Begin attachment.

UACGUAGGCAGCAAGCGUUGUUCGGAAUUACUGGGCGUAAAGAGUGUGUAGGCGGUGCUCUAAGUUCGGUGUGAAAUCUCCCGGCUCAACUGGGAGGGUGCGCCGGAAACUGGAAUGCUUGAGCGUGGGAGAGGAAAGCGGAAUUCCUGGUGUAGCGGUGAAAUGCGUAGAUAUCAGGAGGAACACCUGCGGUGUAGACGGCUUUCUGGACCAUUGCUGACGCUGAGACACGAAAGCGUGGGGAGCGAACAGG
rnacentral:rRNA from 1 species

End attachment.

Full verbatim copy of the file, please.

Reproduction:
UACGUAGGCAGCAAGCGUUGUUCGGAAUUACUGGGCGUAAAGAGUGUGUAGGCGGUGCUCUAAGUUCGGUGUGAAAUCUCCCGGCUCAACUGGGAGGGUGCGCCGGAAACUGGAAUGCUUGAGCGUGGGAGAGGAAAGCGGAAUUCCUGGUGUAGCGGUGAAAUGCGUAGAUAUCAGGAGGAACACCUGCGGUGUAGACGGCUUUCUGGACCAUUGCUGACGCUGAGACACGAAAGCGUGGGGAGCGAACAGG
rnacentral:rRNA from 1 species